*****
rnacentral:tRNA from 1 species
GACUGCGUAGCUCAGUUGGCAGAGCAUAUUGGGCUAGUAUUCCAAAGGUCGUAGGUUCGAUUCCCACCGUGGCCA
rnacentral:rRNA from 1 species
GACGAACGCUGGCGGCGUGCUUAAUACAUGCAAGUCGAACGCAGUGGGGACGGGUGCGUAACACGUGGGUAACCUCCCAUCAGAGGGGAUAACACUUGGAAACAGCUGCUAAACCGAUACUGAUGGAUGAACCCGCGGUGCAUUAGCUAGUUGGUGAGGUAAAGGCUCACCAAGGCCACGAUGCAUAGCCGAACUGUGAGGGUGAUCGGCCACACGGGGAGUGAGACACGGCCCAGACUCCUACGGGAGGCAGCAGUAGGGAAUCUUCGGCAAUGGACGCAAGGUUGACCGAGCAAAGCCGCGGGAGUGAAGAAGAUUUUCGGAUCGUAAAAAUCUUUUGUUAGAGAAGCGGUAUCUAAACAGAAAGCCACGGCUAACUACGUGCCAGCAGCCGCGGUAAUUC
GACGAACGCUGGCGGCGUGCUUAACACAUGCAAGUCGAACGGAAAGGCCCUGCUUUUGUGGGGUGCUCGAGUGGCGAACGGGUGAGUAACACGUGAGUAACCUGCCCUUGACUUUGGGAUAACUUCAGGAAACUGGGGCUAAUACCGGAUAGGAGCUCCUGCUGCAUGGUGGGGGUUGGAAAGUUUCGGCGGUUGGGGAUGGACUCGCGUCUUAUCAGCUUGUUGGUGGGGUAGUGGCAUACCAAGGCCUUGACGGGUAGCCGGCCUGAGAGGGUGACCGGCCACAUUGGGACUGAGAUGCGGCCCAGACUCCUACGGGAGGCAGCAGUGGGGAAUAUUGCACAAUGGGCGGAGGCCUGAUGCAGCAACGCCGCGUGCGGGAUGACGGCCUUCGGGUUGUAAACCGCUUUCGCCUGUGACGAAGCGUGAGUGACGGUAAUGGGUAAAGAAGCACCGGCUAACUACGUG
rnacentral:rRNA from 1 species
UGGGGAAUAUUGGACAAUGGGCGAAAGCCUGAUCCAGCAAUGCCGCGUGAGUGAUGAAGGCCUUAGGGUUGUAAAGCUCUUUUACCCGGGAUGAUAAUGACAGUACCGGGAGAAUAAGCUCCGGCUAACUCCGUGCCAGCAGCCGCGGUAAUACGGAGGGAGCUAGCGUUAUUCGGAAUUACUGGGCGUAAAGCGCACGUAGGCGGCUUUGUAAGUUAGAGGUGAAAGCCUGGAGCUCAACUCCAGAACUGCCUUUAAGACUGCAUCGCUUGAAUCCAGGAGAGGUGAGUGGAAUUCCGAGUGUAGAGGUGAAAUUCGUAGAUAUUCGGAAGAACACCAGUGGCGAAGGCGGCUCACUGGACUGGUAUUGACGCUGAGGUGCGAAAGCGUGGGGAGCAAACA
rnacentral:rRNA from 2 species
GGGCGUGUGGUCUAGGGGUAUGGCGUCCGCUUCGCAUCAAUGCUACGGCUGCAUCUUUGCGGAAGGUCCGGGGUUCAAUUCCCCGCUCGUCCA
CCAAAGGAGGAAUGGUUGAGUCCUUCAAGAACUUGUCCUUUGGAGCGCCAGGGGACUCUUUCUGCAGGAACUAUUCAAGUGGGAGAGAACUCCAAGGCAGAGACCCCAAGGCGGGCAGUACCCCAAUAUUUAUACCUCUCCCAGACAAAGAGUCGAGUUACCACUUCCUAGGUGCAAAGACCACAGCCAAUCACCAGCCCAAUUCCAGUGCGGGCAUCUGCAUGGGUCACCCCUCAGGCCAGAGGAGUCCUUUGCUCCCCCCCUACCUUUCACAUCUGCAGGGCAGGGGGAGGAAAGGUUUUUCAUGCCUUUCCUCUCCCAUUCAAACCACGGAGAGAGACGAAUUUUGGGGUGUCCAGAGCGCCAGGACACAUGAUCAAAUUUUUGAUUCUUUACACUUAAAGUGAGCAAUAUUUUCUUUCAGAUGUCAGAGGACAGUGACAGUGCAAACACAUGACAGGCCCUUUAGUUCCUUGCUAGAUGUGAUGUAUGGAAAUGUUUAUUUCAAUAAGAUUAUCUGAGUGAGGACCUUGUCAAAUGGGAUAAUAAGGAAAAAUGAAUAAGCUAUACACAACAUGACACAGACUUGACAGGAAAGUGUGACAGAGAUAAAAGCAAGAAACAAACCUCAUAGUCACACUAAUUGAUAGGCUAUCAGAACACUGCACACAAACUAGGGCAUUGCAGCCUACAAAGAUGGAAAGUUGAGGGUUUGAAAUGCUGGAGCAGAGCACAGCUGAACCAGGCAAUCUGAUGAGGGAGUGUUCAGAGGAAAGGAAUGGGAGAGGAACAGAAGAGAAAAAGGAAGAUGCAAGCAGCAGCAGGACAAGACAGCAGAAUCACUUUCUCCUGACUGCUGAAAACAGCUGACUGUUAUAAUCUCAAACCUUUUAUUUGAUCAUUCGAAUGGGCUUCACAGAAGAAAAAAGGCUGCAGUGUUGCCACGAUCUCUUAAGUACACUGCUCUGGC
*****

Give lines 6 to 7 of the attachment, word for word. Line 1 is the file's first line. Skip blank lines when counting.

rnacentral:rRNA from 1 species
UGGGGAAUAUUGGACAAUGGGCGAAAGCCUGAUCCAGCAAUGCCGCGUGAGUGAUGAAGGCCUUAGGGUUGUAAAGCUCUUUUACCCGGGAUGAUAAUGACAGUACCGGGAGAAUAAGCUCCGGCUAACUCCGUGCCAGCAGCCGCGGUAAUACGGAGGGAGCUAGCGUUAUUCGGAAUUACUGGGCGUAAAGCGCACGUAGGCGGCUUUGUAAGUUAGAGGUGAAAGCCUGGAGCUCAACUCCAGAACUGCCUUUAAGACUGCAUCGCUUGAAUCCAGGAGAGGUGAGUGGAAUUCCGAGUGUAGAGGUGAAAUUCGUAGAUAUUCGGAAGAACACCAGUGGCGAAGGCGGCUCACUGGACUGGUAUUGACGCUGAGGUGCGAAAGCGUGGGGAGCAAACA